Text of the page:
In an ideal world, law firms would work the way a Fortune 500 company works. A board of directors appoints the CEO and other officers, who are answerable to the board as well as the shareholders. That way everyone has an interest in stability, efficiency, and profit, and people are always being offered opportunities. I can tell you that law firms do not work anything like that, as outlined in my article on how it actually works. But just for fun, how should the ideal firm work?
A strategic plan
Instead of "make as much money as possible," the ideal firm has a shared goal of where it is headed. For example, "let's be the best at XYZ law in this area" or "let's be the best at client service in this area." The former become specialists and boutiques, and the latter become general practice full-service firms. Nothing wrong with either approach, but they lead to different strategies for marketing, among other things. At a specialist boutique, the referrals are going to be more from other lawyers than from the public. At a regular full-service firm, the referrals are going to come from existing clients or the public.
Checks and balances
Instead of dictators for life who do whatever they want, the firm leadership should be elected for regular, fixed terms. The question is: who are the electorate? Equity partners only? All partners? I would say all partners based on percentage of income, with the nominees abstaining from the vote. This would only be possible in larger firms, so at a small firm I'm at a loss for suggestions. But at a small firm, there are less concerns with entrenched, stale leadership because any partner can leave at any time.
Counseling and treatment
The partnership agreement should require all partners to be treated for any health conditions that may affect their job performance, such as psychiatric issues, substance abuse, domestic violence, financial/gambling problems, and other serious conditions.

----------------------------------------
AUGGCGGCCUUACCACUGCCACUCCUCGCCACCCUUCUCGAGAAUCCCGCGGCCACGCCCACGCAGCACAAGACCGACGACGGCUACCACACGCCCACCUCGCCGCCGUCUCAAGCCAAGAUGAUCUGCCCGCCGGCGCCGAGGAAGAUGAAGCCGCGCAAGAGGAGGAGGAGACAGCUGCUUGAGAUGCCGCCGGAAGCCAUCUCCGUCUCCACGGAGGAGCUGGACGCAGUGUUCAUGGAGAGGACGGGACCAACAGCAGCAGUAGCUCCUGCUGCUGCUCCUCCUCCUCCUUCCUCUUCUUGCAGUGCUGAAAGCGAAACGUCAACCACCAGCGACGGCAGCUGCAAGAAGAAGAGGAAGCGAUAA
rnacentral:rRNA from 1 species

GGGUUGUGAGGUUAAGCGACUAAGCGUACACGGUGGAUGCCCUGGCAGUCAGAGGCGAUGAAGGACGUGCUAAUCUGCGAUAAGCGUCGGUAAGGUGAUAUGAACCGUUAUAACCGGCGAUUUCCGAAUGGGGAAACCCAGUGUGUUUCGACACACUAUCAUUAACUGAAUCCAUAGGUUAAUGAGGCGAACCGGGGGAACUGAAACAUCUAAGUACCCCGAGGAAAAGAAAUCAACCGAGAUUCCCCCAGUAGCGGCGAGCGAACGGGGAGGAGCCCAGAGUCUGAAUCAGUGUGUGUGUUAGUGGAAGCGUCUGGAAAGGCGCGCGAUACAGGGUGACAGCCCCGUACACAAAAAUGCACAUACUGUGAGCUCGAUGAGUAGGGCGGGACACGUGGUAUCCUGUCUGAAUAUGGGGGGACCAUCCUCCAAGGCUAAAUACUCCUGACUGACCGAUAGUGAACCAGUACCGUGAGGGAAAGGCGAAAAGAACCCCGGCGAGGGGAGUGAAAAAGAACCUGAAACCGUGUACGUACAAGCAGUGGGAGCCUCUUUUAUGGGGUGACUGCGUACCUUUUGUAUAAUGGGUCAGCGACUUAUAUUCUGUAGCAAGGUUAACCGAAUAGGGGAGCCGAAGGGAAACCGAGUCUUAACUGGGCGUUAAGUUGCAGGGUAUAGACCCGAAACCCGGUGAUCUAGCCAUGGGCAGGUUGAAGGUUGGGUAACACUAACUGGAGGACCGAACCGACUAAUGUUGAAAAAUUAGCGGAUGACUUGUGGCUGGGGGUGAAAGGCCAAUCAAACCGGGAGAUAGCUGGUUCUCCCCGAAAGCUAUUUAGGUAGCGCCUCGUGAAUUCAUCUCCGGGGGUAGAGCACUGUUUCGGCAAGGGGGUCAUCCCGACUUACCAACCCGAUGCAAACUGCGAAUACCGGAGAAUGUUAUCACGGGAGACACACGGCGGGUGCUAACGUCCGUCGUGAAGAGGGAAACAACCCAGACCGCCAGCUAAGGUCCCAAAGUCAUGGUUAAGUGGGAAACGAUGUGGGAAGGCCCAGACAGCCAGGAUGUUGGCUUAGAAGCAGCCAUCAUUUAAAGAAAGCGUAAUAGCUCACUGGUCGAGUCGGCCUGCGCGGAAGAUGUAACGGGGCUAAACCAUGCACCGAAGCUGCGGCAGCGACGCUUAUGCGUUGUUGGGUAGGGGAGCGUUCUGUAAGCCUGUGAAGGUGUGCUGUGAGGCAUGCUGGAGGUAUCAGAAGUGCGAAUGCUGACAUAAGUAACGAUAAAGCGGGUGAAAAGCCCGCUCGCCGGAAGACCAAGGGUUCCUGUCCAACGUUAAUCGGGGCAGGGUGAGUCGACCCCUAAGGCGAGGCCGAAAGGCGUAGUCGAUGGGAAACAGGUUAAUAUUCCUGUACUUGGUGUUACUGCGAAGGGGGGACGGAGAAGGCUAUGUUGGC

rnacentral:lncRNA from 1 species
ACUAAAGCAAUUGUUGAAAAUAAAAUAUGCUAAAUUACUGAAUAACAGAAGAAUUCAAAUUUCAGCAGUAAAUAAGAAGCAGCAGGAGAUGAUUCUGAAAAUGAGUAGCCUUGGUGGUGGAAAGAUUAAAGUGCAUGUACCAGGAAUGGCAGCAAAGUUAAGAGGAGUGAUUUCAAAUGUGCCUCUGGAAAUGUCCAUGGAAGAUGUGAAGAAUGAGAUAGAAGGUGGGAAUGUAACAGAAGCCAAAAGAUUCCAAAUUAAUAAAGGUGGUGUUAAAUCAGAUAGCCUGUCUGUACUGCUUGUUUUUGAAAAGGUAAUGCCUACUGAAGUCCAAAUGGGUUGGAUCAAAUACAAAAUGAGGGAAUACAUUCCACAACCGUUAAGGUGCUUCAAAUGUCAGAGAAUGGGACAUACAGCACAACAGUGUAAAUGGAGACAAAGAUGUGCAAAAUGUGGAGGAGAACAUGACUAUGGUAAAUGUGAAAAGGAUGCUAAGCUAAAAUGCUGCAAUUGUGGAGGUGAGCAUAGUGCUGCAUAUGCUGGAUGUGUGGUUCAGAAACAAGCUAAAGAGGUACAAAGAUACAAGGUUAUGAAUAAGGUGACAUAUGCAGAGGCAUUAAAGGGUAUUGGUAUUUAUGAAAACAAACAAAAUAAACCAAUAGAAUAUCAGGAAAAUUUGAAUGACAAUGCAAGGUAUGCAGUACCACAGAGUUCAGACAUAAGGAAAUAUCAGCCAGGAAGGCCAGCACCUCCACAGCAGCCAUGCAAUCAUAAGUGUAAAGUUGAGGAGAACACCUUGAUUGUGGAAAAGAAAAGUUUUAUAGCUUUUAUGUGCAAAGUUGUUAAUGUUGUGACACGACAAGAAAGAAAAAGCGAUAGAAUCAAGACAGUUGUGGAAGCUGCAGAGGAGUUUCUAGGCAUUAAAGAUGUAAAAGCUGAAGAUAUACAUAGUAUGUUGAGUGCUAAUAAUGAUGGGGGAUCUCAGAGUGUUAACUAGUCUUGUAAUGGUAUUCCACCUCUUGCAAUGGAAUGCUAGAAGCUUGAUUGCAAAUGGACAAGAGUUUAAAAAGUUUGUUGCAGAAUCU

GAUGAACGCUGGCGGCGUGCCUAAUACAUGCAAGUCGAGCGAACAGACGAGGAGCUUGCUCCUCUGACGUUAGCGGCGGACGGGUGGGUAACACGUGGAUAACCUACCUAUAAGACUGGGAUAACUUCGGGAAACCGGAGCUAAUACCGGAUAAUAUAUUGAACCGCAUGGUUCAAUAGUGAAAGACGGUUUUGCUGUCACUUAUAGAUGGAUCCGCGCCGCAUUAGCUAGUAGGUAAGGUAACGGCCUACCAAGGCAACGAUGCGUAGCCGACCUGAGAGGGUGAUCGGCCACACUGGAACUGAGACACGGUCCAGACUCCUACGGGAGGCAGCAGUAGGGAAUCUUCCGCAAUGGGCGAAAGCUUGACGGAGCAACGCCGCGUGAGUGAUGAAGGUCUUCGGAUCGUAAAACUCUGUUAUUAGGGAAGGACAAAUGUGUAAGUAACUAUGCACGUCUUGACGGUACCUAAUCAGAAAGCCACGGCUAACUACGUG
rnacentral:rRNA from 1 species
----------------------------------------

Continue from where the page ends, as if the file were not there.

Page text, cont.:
This is the tough one. Because you don't get what you deserve in life; you get what you negotiate. A person's value to the law firm increases over time due to the incremental addition of life experience, legal experience, and polish. So their compensation should also increase incrementally. I am a big advocate of spelling out all of a person's compensation arrangements in a contract that they agree on in advance. However, to ensure fair compensation, the contract should provide for discretionary and performance-based bonuses at any time. This also has the nice effect of surprising people with bonuses when they are least expecting them.
The big firms all pay lip service to the concept of training and mentorship. The small firms don't do it because it's a waste of money on people who are going to leave anyway. What I advocate for is a balanced apprenticeship program with milestones that everyone agrees on and that are achievable. However, ultimately the milestones are dictated by the attorney's progress as well as opportunities that come up. In any case, offering opportunities to lawyers is how they learn, and they get better after practice (what a concept). I would say four second-chair trials and two first-chair trials in the first ten years is a realistic, achievable goal that also would add value to any law firm.
Last updated: July 6, 2018
© 2018 Andrew G. Watters